Leonhard Euler solved the problem of finding a function of a continuous variable $x$ which for integer values of $x=n$ agrees with the factorial function $n\mapsto n!$. The gamma function is a shift by one of the solution to this problem.
For a complex variable $x\neq -1,-2,\ldots$, we define $\Gamma(x)$ by the formula
where $(x)_0 =1$ and for positive integer $k = 1,2,\ldots$,
is the “Pochhammer symbol” (or rising factorial). It easily follows that $\Gamma(n+1) = n!$ for natural numbers $n = 0, 1, 2, \ldots$.
As a function of a complex variable, the Gamma function $\Gamma(x)$ is a meromorphic function with simple poles at $x = 0, -1, -2, \ldots$.
Extending the recursive definition of the ordinary factorial function, the Gamma function satisfies the following translation formula:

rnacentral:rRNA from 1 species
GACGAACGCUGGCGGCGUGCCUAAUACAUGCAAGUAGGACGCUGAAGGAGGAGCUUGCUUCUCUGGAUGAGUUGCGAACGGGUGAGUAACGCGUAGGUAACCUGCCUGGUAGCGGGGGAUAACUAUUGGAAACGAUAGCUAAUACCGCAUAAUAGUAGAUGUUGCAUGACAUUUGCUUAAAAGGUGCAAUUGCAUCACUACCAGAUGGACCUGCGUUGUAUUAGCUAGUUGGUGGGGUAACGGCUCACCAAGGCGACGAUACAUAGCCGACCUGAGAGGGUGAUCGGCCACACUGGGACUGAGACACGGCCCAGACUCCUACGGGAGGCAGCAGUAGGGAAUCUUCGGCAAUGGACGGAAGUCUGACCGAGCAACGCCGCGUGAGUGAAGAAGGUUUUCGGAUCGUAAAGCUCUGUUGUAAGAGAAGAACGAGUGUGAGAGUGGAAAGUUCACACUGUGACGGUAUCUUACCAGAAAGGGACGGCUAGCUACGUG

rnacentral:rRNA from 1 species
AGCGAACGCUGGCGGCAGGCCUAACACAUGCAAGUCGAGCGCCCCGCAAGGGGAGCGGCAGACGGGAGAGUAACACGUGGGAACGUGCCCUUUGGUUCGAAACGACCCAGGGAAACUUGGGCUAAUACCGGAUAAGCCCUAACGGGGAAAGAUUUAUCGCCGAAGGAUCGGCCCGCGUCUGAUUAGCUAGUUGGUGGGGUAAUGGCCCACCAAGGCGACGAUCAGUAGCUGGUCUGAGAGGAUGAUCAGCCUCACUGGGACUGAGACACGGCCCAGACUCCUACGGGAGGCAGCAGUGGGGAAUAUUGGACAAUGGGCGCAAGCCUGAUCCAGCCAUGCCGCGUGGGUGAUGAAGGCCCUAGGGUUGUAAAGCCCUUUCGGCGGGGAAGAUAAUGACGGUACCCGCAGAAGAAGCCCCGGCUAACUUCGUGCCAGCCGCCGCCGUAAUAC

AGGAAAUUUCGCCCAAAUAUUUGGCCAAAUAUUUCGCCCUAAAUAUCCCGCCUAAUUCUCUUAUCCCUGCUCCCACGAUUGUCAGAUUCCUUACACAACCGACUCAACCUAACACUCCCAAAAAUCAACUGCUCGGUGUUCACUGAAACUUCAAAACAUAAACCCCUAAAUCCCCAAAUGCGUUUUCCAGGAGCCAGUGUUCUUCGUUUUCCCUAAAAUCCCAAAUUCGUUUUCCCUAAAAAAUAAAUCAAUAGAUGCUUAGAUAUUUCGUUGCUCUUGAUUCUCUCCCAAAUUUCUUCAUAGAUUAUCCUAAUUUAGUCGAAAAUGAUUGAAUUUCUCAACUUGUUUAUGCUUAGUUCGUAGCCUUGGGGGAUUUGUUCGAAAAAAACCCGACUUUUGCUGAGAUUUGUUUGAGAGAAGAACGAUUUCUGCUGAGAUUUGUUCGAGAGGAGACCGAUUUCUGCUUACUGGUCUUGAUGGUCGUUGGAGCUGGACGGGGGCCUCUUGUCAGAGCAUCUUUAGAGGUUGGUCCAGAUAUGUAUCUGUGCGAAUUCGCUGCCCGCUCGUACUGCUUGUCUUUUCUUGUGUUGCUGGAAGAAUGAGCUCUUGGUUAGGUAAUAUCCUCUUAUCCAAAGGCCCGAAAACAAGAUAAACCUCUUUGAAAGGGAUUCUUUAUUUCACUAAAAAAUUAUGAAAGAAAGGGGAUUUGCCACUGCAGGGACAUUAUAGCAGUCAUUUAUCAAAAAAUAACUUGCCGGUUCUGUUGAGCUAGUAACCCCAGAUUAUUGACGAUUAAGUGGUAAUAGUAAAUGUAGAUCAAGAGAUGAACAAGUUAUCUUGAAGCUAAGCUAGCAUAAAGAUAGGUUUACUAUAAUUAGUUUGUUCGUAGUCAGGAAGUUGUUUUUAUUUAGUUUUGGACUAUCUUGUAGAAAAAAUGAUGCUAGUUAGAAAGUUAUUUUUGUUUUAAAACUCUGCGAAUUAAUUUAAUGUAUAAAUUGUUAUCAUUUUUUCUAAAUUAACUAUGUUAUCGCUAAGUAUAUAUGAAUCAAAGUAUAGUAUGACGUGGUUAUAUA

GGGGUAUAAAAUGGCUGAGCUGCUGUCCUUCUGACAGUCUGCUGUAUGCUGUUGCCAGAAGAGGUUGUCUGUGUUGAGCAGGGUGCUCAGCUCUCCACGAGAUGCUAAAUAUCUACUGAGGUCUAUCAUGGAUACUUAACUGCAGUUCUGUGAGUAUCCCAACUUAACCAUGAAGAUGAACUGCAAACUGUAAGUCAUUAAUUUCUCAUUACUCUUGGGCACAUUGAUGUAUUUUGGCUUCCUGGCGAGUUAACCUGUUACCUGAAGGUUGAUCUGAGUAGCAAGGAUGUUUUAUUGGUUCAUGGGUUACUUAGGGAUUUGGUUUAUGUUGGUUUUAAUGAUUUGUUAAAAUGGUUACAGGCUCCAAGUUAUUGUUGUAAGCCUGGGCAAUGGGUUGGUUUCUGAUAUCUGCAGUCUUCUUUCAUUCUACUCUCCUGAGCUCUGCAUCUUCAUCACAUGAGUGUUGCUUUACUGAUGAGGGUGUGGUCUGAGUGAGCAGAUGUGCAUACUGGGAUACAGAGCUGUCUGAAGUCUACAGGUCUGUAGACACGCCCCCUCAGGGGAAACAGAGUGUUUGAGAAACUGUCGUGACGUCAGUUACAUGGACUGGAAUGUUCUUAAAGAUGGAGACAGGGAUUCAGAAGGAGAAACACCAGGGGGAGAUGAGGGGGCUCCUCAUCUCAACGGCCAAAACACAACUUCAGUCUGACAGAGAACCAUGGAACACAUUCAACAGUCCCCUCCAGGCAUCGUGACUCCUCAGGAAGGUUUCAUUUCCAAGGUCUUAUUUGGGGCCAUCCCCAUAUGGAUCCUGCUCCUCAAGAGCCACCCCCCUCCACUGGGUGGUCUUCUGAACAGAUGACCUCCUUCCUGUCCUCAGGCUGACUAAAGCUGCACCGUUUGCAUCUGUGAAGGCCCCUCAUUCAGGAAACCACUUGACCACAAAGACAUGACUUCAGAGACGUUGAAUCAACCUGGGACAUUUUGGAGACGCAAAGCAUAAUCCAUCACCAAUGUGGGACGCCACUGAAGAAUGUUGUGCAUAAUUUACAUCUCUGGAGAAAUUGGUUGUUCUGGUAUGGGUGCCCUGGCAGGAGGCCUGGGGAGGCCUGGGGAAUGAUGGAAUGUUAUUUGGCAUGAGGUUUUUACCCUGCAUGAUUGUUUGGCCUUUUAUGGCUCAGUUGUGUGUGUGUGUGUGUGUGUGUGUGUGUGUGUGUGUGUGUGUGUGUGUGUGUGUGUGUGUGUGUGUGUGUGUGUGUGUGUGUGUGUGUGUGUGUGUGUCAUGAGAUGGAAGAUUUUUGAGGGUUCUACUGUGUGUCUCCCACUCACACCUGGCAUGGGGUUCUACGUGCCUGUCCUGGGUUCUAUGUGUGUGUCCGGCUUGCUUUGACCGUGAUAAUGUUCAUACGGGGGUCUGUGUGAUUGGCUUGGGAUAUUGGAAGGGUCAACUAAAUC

away from $x = 0, -1, -2, \ldots$.
It also satisfies a reflection formula, due to Euler:
Quite remarkably, the Gamma function (this time as a function of a real variable) is uniquely characterized in the following theorem:
The restriction of the Gamma function to the interval $(0, \infty)$ is the unique function $f$ such that $f(x+1) = x f(x)$, $f(1) = 1$, and $\log f$ is convex.
A number of other representations of the Gamma function are known and frequently utilized, e.g.,
Product representation:
where $\gamma$ is Euler's constant?.
Integral representation: